The years from 1979 to 1983 are the most important years in our vita – most of the LPs which I bought during those years are still vital, crucial, elemental, and timeless. Just three examples: the Quincy Jones-produced album “Give Me The Night” by George Benson, featuring, among many others, the monumental, lavishly arranged and executed “Love x Love” (1980). Howard Johnson released his debut album in 1982 and it features the still irresistible “So Fine”. The album was produced by Kashif, Paul Laurence and Morrie Brown and in terms of craftsmanship, it still ranks among the top. There are more gems on the album of course, like the Kashif-penned title track “Keepin’ Love New”. I bought the album on my 16th birthday. Third example: the group Mtume, led by producer extraordinaire James Mtume, had this amazing lead vocalist called Tawatha Agee who appeared on a lot of albums during this period as background vocalist as well. “Juicy Fruit” still sends chills. She recorded a solo album in 1987, produced by James Mtume, but the late 80s sound with too much synth programming and drum computers were taking its toll. Still, tracks like “Thigh Ride” always resonate.
Those three examples find their way back onto the annual “Soul Togetherness” compilation which I can’t praise enough for its selection which was made again by Richard Searling and Ralph Tee. “Love x Love” gets the Bluey (Incognito) stamp production-wise and features the classy Kenny Thomas on vocals. Bluey’s output is called Thames River Soul and the initial album also features singers Imaani, Vanessa Haynes, and Omar. This version here has all the lush and luxurious Bluey trademarks. Kashif & Howard Johnson’s “Keepin’ Love New” gets a wonderful, modern-day soul treatment by vocalist and drummer Weston “Wez” Foster who used to be in the group Second Image (first album from 1983). And the brilliant Tawatha Agee is back for a track from Belgian artist/producer Vito De Luca who calls himself Aeroplane. “Love On Hold” actually harks back to the 80s with keyboard sounds and arrangement revisiting some of the best work of those glory days and reminding me of the group Change. Tawatha still sounds sublime.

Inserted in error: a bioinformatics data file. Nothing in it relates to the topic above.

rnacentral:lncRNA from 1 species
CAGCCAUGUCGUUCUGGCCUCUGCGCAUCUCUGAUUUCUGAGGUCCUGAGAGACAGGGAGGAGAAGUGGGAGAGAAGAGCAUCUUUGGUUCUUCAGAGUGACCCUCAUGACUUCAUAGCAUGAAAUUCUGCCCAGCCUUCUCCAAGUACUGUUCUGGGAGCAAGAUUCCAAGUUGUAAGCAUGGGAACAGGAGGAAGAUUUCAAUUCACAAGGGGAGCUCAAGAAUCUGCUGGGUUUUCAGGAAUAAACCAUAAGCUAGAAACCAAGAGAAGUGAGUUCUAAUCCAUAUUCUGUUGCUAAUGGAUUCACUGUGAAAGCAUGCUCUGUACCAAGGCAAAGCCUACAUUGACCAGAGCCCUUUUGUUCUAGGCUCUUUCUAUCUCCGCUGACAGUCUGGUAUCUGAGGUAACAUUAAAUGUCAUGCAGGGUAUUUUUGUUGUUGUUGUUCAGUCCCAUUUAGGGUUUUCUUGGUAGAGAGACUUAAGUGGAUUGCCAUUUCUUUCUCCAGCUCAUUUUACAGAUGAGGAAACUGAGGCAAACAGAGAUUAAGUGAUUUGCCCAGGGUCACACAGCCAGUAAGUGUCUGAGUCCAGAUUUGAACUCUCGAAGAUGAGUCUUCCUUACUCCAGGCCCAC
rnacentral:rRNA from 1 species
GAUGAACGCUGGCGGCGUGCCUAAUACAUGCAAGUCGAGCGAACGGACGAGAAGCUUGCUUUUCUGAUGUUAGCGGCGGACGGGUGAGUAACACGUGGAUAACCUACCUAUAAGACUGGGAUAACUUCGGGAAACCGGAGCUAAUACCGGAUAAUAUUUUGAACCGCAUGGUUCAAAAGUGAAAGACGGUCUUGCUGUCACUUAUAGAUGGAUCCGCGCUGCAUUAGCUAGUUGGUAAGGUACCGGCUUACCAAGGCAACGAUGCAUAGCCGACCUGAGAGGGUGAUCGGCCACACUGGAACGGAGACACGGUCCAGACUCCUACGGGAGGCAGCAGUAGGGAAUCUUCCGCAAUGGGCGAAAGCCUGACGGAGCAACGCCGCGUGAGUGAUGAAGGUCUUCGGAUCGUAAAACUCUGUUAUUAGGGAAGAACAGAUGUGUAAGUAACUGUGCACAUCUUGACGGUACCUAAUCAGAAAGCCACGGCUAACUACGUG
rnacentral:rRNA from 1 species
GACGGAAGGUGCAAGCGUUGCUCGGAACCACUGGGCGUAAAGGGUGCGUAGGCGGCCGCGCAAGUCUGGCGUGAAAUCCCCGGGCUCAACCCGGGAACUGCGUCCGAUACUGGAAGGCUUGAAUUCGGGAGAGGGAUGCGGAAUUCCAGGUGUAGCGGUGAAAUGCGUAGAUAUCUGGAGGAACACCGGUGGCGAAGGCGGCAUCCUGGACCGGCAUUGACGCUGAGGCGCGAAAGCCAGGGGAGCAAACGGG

There is more of course on this 15-tracker: the very 80s sounding “2nd Time Around” by Tuxedo with its David Joseph “You Can’t Hide Your Love”-like opening turns into a Dynasty/Shalamar/Whispers track. Great stuff. We also get a track from Leela James’ new album “Did It For Love”: “There 4 U” has a great shuffling groove and sexy brass and backing vocal arrangement. The bass line is pretty strong and once again so early 80s. Mike City has released his magical “The Feel Good Agenda” album earlier this year featuring a lot of brilliant vocalists like Maysa, Lalah Hathaway, or Dwele. Included here is the Faith Evans-led “When I Luv”. The light house track blends fantastically well with the two vocalists – there is also a Kenny Dope remix around!
Coming from a 2018 album is “Lost Without You” by Will Sessions & Amp Fiddler. Will Sessions, a group from Detroit, also go back to the early 80s with their extravagant vocal arrangement and typical keys and bass from that era. Reference track could be “Seventh Heaven” by Gwen Guthrie (1983). Very relaxing and soothing is the midtempo “It’s All Divine” from James Day featuring Trina Broussard, Tim Owens, U-Nam & Joe Cunningham. It’s culled from James’ “Song, Soul & Spirit” album which also features classy vocalists like Glenn Jones, Audrey Wheeler, and Gordon Chambers.
Jay King (of Club Nouveau fame) is included here with a track from his new “Helen’s Son” album – “Good Kinda Lovin'” is going back to those golden Marvin Gaye years. “Doublin’ Down” by The Jack Moves is a cute little ditty – too short but with a lot of potential in its sunny hook. A lot of artists here that are completely new to me, like London-based singer Emma-Louise Bucknor who calls herself Soulful Emma-Louise or simply S.E.L. Her crystalline voice on the handclap-heavy “Flowered Tears” is pretty infectious. Weston Foster is back here with The Groove Association and Georgie B & Everis on “One For The Money”. The Gold Digger Remix is pure and classy soul at its best.
Speaking of James Mtume, his “Back To You” (written with Reggie Lucas for Lou Rawls back in 1982) is returning here with a version by Paul Craver, sticking pretty close to the original and losing nothing of its charme. And remember “Kissing You” by Keith Washington from 1991? The timeless ballad is re-done as a housey dance track by Wipe The Needle featuring Lifford Shillingford. Could be another one out of the Bluey book. And it works very well. Oh and by the way this amazing compilation opens with the very dependable Omar on a track by Los Charly’s Orchestra: “History” is the perfect lead track shuffling along brilliantly and majestically.